David Ansari, Dragan Bućin, Peter Höglund, Mattias Ohlsson, Bodil Andersson and Johan Nilsson
Analysis of the Influence of HLA-A Matching Relative to HLA-B and -DR Matching on Heart Transplant Outcomes
LU TP 15-31

Background: There are conflicting reports on the effect of donor-recipient HLA matching on outcomes in heart transplantation. The objective of this study was to investigate the effects of HLA-A matching relative to HLA-B and -DR matching on long-term survival in heart transplantation.

Methods: A total of 25 583 patients transplanted between 1988 and 2011 were identified from the International Society for Heart and Lung Transplantation registry. Transplants were divided into 2 donor-recipient matching groups: HLA-A-compatible (no HLA-A mismatches) and HLA-A-incompatible (1-2 HLA-A mismatches). Primary outcome was all-cause mortality. Secondary outcomes were graft failure-, cardiovascular-, infection-, or malignancy-related deaths.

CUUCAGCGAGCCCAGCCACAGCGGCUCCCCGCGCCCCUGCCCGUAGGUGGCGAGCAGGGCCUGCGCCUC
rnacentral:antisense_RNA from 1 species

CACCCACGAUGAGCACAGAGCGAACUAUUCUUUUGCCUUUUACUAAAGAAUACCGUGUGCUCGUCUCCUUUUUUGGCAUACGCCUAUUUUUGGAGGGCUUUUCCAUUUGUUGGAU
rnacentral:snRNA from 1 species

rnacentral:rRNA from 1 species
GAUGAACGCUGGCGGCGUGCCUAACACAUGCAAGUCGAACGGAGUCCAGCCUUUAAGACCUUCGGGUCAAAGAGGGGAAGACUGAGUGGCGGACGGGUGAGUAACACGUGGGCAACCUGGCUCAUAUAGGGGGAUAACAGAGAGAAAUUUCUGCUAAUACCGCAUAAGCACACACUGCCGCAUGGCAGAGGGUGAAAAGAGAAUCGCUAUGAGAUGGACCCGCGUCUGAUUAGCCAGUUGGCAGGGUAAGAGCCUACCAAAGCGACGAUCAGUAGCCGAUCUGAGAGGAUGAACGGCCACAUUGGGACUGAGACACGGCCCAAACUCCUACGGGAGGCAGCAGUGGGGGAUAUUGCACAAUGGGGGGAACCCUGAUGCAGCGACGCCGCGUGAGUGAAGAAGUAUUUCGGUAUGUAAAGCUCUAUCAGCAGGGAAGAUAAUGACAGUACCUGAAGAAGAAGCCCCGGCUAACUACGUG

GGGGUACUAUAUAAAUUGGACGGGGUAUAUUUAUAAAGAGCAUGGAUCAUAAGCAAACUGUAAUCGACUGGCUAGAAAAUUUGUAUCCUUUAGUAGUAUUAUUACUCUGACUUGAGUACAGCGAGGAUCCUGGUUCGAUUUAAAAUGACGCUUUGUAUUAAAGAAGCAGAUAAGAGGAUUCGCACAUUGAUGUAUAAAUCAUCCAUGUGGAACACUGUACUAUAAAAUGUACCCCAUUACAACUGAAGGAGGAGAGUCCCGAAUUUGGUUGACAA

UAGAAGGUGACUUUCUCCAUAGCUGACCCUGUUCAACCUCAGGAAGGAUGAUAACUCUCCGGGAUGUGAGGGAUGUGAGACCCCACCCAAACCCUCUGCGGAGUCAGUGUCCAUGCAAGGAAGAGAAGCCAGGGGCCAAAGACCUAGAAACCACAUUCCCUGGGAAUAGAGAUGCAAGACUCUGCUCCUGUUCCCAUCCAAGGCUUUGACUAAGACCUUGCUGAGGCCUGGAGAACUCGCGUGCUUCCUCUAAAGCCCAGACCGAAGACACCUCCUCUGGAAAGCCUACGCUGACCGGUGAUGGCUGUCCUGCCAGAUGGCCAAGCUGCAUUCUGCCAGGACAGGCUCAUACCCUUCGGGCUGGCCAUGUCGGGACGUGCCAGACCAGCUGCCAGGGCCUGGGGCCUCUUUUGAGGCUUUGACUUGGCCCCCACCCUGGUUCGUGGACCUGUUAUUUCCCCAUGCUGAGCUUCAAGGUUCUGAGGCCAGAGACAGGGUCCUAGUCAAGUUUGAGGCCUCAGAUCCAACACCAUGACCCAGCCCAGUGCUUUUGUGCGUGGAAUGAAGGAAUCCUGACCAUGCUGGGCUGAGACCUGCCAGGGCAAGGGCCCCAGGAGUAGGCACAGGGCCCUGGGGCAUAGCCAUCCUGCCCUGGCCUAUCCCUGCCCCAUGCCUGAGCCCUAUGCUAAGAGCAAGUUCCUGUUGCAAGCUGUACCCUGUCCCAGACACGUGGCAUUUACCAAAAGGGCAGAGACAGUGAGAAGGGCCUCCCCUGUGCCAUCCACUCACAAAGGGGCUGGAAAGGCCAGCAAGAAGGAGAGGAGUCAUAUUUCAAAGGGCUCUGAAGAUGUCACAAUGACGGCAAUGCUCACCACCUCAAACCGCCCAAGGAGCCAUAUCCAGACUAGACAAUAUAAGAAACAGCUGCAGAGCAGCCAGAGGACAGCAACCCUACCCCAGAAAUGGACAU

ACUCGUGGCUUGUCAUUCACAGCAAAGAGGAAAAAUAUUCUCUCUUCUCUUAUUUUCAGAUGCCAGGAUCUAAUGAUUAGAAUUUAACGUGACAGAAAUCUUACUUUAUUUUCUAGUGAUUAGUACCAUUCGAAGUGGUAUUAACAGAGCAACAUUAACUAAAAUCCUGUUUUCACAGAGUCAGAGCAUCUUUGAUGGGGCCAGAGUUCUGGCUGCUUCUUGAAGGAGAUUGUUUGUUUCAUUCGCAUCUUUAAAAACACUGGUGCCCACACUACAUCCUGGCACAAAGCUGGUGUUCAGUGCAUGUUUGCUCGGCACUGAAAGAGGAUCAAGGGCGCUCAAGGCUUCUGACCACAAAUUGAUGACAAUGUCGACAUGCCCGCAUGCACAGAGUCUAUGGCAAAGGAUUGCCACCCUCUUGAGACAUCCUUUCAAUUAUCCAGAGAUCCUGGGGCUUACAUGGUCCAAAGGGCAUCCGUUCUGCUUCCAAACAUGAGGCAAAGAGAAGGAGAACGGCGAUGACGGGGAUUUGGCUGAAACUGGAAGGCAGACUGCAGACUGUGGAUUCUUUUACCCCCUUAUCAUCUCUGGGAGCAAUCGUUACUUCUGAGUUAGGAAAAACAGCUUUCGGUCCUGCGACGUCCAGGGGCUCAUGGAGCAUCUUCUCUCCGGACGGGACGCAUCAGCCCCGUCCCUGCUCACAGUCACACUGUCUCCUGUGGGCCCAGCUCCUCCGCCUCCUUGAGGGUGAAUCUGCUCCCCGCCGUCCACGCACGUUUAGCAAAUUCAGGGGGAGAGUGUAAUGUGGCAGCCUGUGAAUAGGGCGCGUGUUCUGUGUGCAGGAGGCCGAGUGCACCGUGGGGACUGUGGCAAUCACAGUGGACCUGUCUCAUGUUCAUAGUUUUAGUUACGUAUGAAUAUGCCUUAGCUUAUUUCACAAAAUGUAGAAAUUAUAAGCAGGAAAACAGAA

Results: The risk of all-cause mortality 15 years after transplantation was higher for HLA-A-compatible (vs HLA-A-incompatible) grafts in patients who had HLA-B-, HLA-DR-, or HLA-B,DR-incompatible grafts (P = 0.027, P = 0.007, and P = 0.002, respectively) but not in HLA-B- and/or HLA-DR-compatible grafts. This was confirmed in multivariable Cox regression analysis where HLA-A compatibility (vs HLA-A incompatibility) was associated with higher mortality in transplants incompatible for HLA-DR or HLA-B and -DR (hazard ratio [HR], 1.59; 95% confidence interval [95% CI], 1.11-2.28; P = 0.012 and HR, 1.69; 95% CI, 1.17-2.43; P = 0.005, respectively). In multivariable analysis, the largest compromise in survival for HLA-A compatibility (vs HLA-incompatibility) was for chronic rejection in HLA-B- and -DR-incompatible grafts (HR, 1.91; 95% CI, 1.22-3.01; P = 0.005).

Conclusions: Decreased long-term survival in heart transplantation was associated with HLA-A compatibility in HLA-B,DR-incompatible grafts.

LU TP 15-31